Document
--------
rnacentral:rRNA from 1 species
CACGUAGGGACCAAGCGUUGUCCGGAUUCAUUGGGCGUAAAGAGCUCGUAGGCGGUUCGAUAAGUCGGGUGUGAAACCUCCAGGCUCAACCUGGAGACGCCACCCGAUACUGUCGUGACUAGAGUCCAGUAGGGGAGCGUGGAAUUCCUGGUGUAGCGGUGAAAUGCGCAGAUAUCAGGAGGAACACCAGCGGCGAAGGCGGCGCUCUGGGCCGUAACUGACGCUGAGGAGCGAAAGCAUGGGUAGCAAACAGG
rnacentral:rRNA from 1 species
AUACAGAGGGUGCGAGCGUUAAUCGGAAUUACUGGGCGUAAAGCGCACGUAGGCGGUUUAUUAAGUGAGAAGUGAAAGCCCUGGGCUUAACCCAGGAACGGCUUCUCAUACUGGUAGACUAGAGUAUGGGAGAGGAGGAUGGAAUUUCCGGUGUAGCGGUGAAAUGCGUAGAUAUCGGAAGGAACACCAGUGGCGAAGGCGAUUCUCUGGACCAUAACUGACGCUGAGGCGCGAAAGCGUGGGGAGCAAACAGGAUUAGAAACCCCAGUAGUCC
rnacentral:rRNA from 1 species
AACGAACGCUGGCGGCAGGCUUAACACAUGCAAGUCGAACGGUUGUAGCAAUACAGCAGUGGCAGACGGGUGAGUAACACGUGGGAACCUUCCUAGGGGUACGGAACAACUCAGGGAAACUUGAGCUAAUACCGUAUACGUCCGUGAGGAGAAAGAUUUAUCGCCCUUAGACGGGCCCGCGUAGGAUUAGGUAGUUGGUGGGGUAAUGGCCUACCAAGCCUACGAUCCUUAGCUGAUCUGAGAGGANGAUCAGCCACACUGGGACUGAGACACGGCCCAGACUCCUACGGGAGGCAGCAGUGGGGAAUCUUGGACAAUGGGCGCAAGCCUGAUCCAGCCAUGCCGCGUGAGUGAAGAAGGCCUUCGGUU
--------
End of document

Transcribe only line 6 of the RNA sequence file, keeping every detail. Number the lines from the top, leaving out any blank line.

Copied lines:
AACGAACGCUGGCGGCAGGCUUAACACAUGCAAGUCGAACGGUUGUAGCAAUACAGCAGUGGCAGACGGGUGAGUAACACGUGGGAACCUUCCUAGGGGUACGGAACAACUCAGGGAAACUUGAGCUAAUACCGUAUACGUCCGUGAGGAGAAAGAUUUAUCGCCCUUAGACGGGCCCGCGUAGGAUUAGGUAGUUGGUGGGGUAAUGGCCUACCAAGCCUACGAUCCUUAGCUGAUCUGAGAGGANGAUCAGCCACACUGGGACUGAGACACGGCCCAGACUCCUACGGGAGGCAGCAGUGGGGAAUCUUGGACAAUGGGCGCAAGCCUGAUCCAGCCAUGCCGCGUGAGUGAAGAAGGCCUUCGGUU